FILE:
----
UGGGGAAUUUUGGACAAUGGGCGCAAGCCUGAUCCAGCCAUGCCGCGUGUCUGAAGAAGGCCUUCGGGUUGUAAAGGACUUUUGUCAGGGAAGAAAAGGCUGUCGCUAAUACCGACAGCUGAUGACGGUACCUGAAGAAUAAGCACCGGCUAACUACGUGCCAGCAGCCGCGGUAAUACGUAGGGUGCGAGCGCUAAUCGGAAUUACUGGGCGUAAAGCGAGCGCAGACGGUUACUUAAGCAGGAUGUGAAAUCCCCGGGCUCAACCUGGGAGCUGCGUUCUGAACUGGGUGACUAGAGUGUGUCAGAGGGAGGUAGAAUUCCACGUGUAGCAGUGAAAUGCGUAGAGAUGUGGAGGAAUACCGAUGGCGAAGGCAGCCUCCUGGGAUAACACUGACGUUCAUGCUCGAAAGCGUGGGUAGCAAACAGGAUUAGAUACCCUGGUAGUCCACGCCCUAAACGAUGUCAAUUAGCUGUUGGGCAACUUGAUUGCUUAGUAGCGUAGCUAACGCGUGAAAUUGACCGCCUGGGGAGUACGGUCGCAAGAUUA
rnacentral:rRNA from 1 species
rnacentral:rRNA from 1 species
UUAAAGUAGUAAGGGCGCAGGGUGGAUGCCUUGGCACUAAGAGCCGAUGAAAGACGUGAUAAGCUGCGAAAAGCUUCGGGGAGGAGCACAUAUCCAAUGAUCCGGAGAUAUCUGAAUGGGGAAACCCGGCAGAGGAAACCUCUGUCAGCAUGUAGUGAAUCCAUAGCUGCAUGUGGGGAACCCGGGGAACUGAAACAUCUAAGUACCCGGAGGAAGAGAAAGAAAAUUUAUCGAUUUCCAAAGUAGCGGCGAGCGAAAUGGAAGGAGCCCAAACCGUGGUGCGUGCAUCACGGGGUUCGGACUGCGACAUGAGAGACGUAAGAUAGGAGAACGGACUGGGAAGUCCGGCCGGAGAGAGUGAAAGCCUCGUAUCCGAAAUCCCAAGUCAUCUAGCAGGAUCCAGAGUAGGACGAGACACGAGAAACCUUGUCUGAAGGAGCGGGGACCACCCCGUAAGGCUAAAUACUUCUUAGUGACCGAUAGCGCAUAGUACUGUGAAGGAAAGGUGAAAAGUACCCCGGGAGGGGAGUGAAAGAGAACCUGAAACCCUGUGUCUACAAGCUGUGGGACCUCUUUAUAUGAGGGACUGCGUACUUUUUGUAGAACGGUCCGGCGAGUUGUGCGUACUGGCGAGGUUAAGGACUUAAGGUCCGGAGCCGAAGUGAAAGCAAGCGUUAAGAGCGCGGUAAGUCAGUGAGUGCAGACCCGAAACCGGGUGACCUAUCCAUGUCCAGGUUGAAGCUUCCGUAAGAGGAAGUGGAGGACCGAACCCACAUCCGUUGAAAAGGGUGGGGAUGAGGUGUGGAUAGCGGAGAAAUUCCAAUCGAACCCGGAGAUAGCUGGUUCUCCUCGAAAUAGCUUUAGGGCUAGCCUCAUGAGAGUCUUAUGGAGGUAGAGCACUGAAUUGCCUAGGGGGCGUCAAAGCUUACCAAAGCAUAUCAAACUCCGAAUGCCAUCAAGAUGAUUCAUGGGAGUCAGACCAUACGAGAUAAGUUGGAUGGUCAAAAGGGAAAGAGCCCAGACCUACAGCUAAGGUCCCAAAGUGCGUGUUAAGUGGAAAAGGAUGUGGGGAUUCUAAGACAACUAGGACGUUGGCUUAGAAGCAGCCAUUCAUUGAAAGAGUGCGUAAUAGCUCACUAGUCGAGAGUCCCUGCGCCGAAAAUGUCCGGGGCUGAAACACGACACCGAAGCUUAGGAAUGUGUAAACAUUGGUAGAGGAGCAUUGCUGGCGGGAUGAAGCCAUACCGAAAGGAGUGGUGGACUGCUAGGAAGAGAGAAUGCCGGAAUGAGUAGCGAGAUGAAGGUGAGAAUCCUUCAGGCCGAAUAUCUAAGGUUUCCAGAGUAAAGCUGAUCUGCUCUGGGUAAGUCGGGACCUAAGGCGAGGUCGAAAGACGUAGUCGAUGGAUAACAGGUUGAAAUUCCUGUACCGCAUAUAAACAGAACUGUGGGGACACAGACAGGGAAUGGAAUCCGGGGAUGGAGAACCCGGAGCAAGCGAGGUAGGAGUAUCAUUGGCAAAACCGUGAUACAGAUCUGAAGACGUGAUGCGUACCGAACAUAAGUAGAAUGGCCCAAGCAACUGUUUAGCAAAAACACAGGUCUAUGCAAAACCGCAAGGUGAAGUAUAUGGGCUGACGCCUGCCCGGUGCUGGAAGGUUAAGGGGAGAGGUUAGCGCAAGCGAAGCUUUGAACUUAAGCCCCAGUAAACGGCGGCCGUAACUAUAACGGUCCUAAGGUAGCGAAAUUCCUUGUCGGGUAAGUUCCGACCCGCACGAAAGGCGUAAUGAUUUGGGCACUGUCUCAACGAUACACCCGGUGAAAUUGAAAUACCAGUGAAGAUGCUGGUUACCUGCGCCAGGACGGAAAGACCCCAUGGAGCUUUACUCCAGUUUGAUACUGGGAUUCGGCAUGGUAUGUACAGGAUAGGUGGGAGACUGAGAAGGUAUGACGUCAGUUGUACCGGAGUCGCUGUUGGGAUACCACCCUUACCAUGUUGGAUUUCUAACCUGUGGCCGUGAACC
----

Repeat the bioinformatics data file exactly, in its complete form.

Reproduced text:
UGGGGAAUUUUGGACAAUGGGCGCAAGCCUGAUCCAGCCAUGCCGCGUGUCUGAAGAAGGCCUUCGGGUUGUAAAGGACUUUUGUCAGGGAAGAAAAGGCUGUCGCUAAUACCGACAGCUGAUGACGGUACCUGAAGAAUAAGCACCGGCUAACUACGUGCCAGCAGCCGCGGUAAUACGUAGGGUGCGAGCGCUAAUCGGAAUUACUGGGCGUAAAGCGAGCGCAGACGGUUACUUAAGCAGGAUGUGAAAUCCCCGGGCUCAACCUGGGAGCUGCGUUCUGAACUGGGUGACUAGAGUGUGUCAGAGGGAGGUAGAAUUCCACGUGUAGCAGUGAAAUGCGUAGAGAUGUGGAGGAAUACCGAUGGCGAAGGCAGCCUCCUGGGAUAACACUGACGUUCAUGCUCGAAAGCGUGGGUAGCAAACAGGAUUAGAUACCCUGGUAGUCCACGCCCUAAACGAUGUCAAUUAGCUGUUGGGCAACUUGAUUGCUUAGUAGCGUAGCUAACGCGUGAAAUUGACCGCCUGGGGAGUACGGUCGCAAGAUUA
rnacentral:rRNA from 1 species
rnacentral:rRNA from 1 species
UUAAAGUAGUAAGGGCGCAGGGUGGAUGCCUUGGCACUAAGAGCCGAUGAAAGACGUGAUAAGCUGCGAAAAGCUUCGGGGAGGAGCACAUAUCCAAUGAUCCGGAGAUAUCUGAAUGGGGAAACCCGGCAGAGGAAACCUCUGUCAGCAUGUAGUGAAUCCAUAGCUGCAUGUGGGGAACCCGGGGAACUGAAACAUCUAAGUACCCGGAGGAAGAGAAAGAAAAUUUAUCGAUUUCCAAAGUAGCGGCGAGCGAAAUGGAAGGAGCCCAAACCGUGGUGCGUGCAUCACGGGGUUCGGACUGCGACAUGAGAGACGUAAGAUAGGAGAACGGACUGGGAAGUCCGGCCGGAGAGAGUGAAAGCCUCGUAUCCGAAAUCCCAAGUCAUCUAGCAGGAUCCAGAGUAGGACGAGACACGAGAAACCUUGUCUGAAGGAGCGGGGACCACCCCGUAAGGCUAAAUACUUCUUAGUGACCGAUAGCGCAUAGUACUGUGAAGGAAAGGUGAAAAGUACCCCGGGAGGGGAGUGAAAGAGAACCUGAAACCCUGUGUCUACAAGCUGUGGGACCUCUUUAUAUGAGGGACUGCGUACUUUUUGUAGAACGGUCCGGCGAGUUGUGCGUACUGGCGAGGUUAAGGACUUAAGGUCCGGAGCCGAAGUGAAAGCAAGCGUUAAGAGCGCGGUAAGUCAGUGAGUGCAGACCCGAAACCGGGUGACCUAUCCAUGUCCAGGUUGAAGCUUCCGUAAGAGGAAGUGGAGGACCGAACCCACAUCCGUUGAAAAGGGUGGGGAUGAGGUGUGGAUAGCGGAGAAAUUCCAAUCGAACCCGGAGAUAGCUGGUUCUCCUCGAAAUAGCUUUAGGGCUAGCCUCAUGAGAGUCUUAUGGAGGUAGAGCACUGAAUUGCCUAGGGGGCGUCAAAGCUUACCAAAGCAUAUCAAACUCCGAAUGCCAUCAAGAUGAUUCAUGGGAGUCAGACCAUACGAGAUAAGUUGGAUGGUCAAAAGGGAAAGAGCCCAGACCUACAGCUAAGGUCCCAAAGUGCGUGUUAAGUGGAAAAGGAUGUGGGGAUUCUAAGACAACUAGGACGUUGGCUUAGAAGCAGCCAUUCAUUGAAAGAGUGCGUAAUAGCUCACUAGUCGAGAGUCCCUGCGCCGAAAAUGUCCGGGGCUGAAACACGACACCGAAGCUUAGGAAUGUGUAAACAUUGGUAGAGGAGCAUUGCUGGCGGGAUGAAGCCAUACCGAAAGGAGUGGUGGACUGCUAGGAAGAGAGAAUGCCGGAAUGAGUAGCGAGAUGAAGGUGAGAAUCCUUCAGGCCGAAUAUCUAAGGUUUCCAGAGUAAAGCUGAUCUGCUCUGGGUAAGUCGGGACCUAAGGCGAGGUCGAAAGACGUAGUCGAUGGAUAACAGGUUGAAAUUCCUGUACCGCAUAUAAACAGAACUGUGGGGACACAGACAGGGAAUGGAAUCCGGGGAUGGAGAACCCGGAGCAAGCGAGGUAGGAGUAUCAUUGGCAAAACCGUGAUACAGAUCUGAAGACGUGAUGCGUACCGAACAUAAGUAGAAUGGCCCAAGCAACUGUUUAGCAAAAACACAGGUCUAUGCAAAACCGCAAGGUGAAGUAUAUGGGCUGACGCCUGCCCGGUGCUGGAAGGUUAAGGGGAGAGGUUAGCGCAAGCGAAGCUUUGAACUUAAGCCCCAGUAAACGGCGGCCGUAACUAUAACGGUCCUAAGGUAGCGAAAUUCCUUGUCGGGUAAGUUCCGACCCGCACGAAAGGCGUAAUGAUUUGGGCACUGUCUCAACGAUACACCCGGUGAAAUUGAAAUACCAGUGAAGAUGCUGGUUACCUGCGCCAGGACGGAAAGACCCCAUGGAGCUUUACUCCAGUUUGAUACUGGGAUUCGGCAUGGUAUGUACAGGAUAGGUGGGAGACUGAGAAGGUAUGACGUCAGUUGUACCGGAGUCGCUGUUGGGAUACCACCCUUACCAUGUUGGAUUUCUAACCUGUGGCCGUGAACC